TOPIC : Virtual product development and production of all types of electrified vehicles and components
|Publication date:||27 October 2017|
|Focus area:||Building a low-carbon, climate resilient future (LC)|
|Types of action:||RIA Research and Innovation action|
|DeadlineModel: Opening date:||single-stage 31 October 2017||Deadline:||04 April 2018 17:00:00|
|Time Zone : (Brussels time)|
Topic DescriptionSpecific Challenge:
Significant advances in digitization offer new opportunities for the automotive industry in terms of virtual product development and production, reducing the time-to-market of all types of electrified vehicles at lower costs. The increasing hybridisation and electrifications (i.e. multi-energy powertrains including for instance, BEVs, PHEVs and FCEVs on the same platform) leads to significant increased number of vehicle variants and increased system complexity requiring a large upfront concentration of development activities by means of digitalization in order to keep development times at comparable levels as today. Optimisation of the various parameters (for instance, the proportion of power and energy between battery and engine/fuel cell in PHEVs and EREVs) on such platforms requires advanced simulation capabilities at vehicle level (excluding engine/fuel cell development). Furthermore, by exploiting the potential benefits of digitization to the full, radically new multi-disciplinary, cross organisational and connectivity-based approaches to electric vehicle design and production should be possible which in turn will enable the development of new vehicle concepts, architectures, and integrated solutions with significant reductions in time-to-market, energy consumption and emissions over the full life-cycle while enabling performance and safety to be improved. The challenge will be that next generation virtual product engineering and manufacturing tools become fully integrated and adaptable across the entire value chain of electrified vehicles including production, operation and maintenance in accordance with the principles of Industry 4.0.Scope:
Proposals will have to address at least one of the following technical areas:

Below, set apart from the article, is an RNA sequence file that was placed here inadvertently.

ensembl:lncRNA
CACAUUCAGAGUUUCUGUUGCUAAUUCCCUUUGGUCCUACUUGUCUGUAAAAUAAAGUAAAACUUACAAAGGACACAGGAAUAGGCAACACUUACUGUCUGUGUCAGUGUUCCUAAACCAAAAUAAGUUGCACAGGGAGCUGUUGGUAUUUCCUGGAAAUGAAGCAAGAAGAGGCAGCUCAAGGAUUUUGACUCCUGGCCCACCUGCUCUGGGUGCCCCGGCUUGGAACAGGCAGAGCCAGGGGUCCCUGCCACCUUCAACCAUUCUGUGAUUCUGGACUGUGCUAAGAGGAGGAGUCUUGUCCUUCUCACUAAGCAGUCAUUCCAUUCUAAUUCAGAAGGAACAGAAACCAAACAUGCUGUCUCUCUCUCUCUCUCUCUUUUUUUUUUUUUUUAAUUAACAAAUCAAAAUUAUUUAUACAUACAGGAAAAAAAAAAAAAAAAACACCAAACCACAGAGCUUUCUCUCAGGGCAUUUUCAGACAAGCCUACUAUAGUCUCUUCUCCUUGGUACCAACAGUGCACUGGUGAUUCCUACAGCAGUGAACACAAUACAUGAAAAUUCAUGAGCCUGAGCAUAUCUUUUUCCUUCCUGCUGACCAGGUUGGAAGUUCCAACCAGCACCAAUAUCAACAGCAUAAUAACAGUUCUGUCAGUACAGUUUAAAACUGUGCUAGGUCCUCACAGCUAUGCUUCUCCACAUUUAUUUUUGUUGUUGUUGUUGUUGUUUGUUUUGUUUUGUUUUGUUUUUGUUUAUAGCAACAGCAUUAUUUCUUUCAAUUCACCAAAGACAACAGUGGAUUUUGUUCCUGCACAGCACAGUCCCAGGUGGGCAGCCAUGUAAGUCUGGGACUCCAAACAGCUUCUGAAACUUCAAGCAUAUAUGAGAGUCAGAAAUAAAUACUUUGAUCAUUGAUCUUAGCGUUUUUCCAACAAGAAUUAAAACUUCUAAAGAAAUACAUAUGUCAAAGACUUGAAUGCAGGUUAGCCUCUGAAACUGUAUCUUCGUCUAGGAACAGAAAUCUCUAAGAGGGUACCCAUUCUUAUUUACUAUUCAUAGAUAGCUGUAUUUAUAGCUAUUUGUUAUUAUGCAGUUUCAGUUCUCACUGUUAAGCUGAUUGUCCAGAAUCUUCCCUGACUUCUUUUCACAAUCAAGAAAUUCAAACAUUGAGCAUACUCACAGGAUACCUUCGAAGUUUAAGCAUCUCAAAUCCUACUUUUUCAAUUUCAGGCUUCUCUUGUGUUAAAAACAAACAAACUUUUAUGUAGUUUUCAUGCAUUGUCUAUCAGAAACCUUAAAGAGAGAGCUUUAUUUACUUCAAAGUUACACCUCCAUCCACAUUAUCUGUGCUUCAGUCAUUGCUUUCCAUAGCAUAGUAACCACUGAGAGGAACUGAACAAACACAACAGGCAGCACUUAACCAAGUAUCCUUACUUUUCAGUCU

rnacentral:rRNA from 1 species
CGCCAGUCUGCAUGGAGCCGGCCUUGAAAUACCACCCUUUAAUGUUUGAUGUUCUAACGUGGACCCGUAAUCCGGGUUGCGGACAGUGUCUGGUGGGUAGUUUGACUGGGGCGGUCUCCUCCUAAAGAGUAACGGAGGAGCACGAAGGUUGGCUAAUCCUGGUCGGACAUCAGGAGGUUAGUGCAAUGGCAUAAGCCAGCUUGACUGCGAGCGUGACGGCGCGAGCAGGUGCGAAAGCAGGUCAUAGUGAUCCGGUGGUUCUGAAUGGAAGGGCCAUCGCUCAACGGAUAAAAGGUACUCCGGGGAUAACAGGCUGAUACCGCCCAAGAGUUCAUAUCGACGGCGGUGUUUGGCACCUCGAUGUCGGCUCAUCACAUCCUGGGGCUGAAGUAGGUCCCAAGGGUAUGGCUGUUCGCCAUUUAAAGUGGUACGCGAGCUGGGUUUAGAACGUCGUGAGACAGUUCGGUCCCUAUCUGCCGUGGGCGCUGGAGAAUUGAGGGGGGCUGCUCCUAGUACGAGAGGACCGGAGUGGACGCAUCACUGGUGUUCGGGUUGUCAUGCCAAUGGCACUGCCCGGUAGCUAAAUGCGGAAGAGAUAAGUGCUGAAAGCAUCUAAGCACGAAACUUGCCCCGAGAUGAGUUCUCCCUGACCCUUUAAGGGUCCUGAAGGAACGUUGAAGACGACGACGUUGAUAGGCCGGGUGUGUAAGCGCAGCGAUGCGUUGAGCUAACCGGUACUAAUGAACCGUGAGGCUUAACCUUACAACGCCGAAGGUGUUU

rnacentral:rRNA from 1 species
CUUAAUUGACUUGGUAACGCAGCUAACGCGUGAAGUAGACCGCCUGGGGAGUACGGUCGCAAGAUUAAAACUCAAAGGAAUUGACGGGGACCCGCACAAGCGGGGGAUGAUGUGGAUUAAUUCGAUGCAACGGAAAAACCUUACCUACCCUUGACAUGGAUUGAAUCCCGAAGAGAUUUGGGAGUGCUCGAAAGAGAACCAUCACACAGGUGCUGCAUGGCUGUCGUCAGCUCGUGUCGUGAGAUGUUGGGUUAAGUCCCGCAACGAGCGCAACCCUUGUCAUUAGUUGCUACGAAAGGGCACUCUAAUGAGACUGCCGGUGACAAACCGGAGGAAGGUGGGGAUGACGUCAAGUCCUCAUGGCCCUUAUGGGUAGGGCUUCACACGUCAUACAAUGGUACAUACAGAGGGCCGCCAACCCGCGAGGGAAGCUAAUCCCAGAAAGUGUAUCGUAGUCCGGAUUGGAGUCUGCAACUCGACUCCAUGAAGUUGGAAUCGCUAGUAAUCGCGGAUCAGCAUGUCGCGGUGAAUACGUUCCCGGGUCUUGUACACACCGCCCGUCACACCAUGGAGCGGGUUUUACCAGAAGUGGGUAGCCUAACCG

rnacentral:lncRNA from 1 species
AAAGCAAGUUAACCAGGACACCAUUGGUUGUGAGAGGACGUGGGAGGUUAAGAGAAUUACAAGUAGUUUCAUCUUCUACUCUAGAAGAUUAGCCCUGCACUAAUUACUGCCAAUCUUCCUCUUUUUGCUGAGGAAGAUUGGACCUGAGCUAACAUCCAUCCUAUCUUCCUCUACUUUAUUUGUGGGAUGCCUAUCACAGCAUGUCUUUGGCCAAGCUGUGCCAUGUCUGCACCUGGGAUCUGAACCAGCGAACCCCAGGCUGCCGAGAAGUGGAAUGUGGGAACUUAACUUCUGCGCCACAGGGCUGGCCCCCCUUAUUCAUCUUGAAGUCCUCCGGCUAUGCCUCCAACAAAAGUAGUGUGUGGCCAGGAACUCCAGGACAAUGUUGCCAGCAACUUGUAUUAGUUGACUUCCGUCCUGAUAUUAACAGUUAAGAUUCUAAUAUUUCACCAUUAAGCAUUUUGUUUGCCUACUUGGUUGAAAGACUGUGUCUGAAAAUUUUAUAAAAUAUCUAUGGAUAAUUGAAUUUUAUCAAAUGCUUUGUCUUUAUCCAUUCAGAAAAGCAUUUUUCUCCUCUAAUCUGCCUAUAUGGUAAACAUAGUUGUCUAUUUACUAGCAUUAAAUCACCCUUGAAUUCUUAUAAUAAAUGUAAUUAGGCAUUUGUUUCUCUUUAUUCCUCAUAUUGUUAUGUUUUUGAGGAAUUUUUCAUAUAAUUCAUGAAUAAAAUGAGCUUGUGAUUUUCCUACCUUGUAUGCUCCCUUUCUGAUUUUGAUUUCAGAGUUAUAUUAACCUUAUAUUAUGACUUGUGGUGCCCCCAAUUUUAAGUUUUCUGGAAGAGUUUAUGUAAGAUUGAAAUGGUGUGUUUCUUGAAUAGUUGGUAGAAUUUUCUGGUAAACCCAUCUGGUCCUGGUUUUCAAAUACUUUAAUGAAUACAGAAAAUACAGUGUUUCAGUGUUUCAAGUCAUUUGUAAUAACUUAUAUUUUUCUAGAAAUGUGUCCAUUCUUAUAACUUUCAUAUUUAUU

- Development of fully integrated, multidisciplinary, scientific-based and validated design tools (including processes) that exploit high performance computing resources and enable the efficient design, personalisation, optimization and flexible manufacturing of electrified vehicles and their components;
- Development of high-confidence, real-time capable simulation models for virtual and X-in-the-loop testing;
- Seamless integration and validation of computational tools and product/processes across the entire value chain including the handling of all kinds of uncertainties along the value chain while managing digital upgrades and ensuring traceability of data used;
- Development of strategies and processes enabling the seamless validation of simulation models with physical data from experimental testing facilities;
- Development of simulation environments capable of merging the different technologies involved (digital, communications, physical domain, software…);
- Development of concepts and methods utilizing data-mining and machine-learning in the automotive industry, supporting decision-making processes and circular economy approaches;
- Digitalization and optimisation of electrified vehicles and components production processes utilizing virtual tools, big data and connectivity;
- Value driven design and assessment methods and tools for including novel technologies to enhance system performance that lead to a radical simplification of EVs.
The Commission considers that proposals requesting a contribution from the EU between EUR 2 and 4 million depending on the number of addressed areas would allow this specific challenge to be addressed appropriately. Nonetheless, this does not preclude submission and selection of proposals requesting other amounts.Expected Impact: